What's an eSIM and why is it important for the future of mobile?

Visible SIM card Galaxy S20+
(Image credit: Samuel Contreras)

What is an eSIM?

An eSIM integrates the functions of a SIM card into a phone's hardware, making it easier and quicker to change phone service. Using an eSIM can also make it easier to manage multiple phone services on one device.

eSIMs aren't just a gimmick

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Visible phone compatibility web page

(Image credit: Samuel Contreras / Android Central)

For those asking, "What is an eSIM and why is it important?" Most phones sold today, and in the past several years, come with a SIM card included or provided by your carrier to tell the phone how to connect to the network and what service it gets. These SIM cards look like small memory cards and usually slide into the side of your phone on a small tray.

Many of the best Android phones already offer the ability to use an eSIM, including those from Google and Samsung. However, Apple is the only company to release a phone without a physical SIM card tray. This was done with region-specific releases of both the iPhone 14 and iPhone 15, "forcing" users to rely on an eSIM instead of a physical SIM card. 

A carrier can activate this eSIM to receive service without getting a specific SIM card from the carrier. Your eSIM could either be activated remotely by the carrier and, in some cases, could even be done automatically. Many of the best cell phone plans support eSIM though you may need to contact the carrier to get your eSIM information.

Why would I want an eSIM?

A Samsung Galaxy S22 Ultra with its SIM tray ejected next to an SD card

One of the biggest reasons someone would want to have an eSIM is easy access to new phone plans. In addition, some carriers provide phone service in an app and can activate services through your eSIM while you travel. This can allow you to keep your phone active on your standard line without risking massive roaming fees.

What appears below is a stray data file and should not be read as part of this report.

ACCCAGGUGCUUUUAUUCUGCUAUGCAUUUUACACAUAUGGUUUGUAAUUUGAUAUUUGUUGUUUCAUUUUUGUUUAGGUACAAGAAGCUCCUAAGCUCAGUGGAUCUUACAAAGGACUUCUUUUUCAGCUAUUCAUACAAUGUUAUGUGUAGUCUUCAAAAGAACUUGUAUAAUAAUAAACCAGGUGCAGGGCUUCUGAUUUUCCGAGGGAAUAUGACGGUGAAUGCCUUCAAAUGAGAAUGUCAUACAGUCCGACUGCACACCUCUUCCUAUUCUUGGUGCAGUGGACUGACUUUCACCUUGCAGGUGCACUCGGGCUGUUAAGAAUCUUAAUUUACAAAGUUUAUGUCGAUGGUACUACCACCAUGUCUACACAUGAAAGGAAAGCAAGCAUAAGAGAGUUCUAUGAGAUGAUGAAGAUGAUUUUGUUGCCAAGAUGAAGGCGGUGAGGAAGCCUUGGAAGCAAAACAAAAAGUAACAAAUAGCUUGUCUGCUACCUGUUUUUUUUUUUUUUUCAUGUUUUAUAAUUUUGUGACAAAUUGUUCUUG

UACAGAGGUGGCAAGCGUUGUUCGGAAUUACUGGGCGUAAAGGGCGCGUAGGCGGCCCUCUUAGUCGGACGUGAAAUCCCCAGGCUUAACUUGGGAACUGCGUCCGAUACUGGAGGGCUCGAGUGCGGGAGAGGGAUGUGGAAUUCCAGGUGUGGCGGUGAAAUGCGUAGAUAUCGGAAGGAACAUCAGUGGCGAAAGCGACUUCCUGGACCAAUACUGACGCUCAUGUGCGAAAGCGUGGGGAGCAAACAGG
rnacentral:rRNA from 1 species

Some people may also want to have multiple numbers active on one phone. This can be great for someone who wants to manage a business phone number and a personal number simultaneously. It can also be a big help for someone who wants to make sure they have a solid connection in more places, thanks to accessing multiple networks. 

iPhone 15 Pro Max on ledge

(Image credit: Andrew Myrick / Android Central)

With some phones, it's possible to use both an eSIM and physical SIM at the same time. In doing so, you can quickly switch between SIM cards, or even set up your phone so data is handled by one, but messages and phone calls are handled by the other. It removes the need to carry two separate devices, while also being a great way to make use of Android's built-in Work Profile feature.

Having access to an eSIM in other devices such as smartwatches, tablets, or even notebook computers can make it easier to have data on those devices without worrying about which carrier you will use. Also, removing a physical opening in the side of a phone can improve water resistance since current SIM trays rely on a gasket to keep water out. If it doesn't get seated properly or deteriorates, water can get in.

Why you might not want an eSIM

Google Messages on iPhone 15 Pro Max surrounded by different Android phones

(Image credit: Andrew Myrick / Android Central)

One of the main arguments against eSIMs is that people are afraid carriers will use the technology to lock phones out of activation on other carriers. While there is some plausibility to this, the end-user can now erase their eSIM on their own, making it possible to activate it on another carrier.

Another argument against using an eSIM is the potential difficulty when it comes to switching between devices. While it's fairly painless to go from the Galaxy S23 to the Galaxy S24, that hasn't been the case if you wanted to switch from the Galaxy S23 to a Pixel 8. Google announced its eSiM Transfer Tool at MWC 2023, but it remains limited in functionality, although, we expect that to change soon.

Bigger problems arise if you are attempting to move between an iPhone and an Android phone. In many cases, you will need to either reach out to your carrier's customer support or go into a physical location just to swap phones. This isn't as big of an issue for some carriers, but for others, it's potentially a massive headache.

Samuel Contreras

When Samuel is not writing about networking or 5G at Android Central, he spends most of his time researching computer components and obsessing over what CPU goes into the ultimate Windows 98 computer. It's the Pentium 3.

With contributions from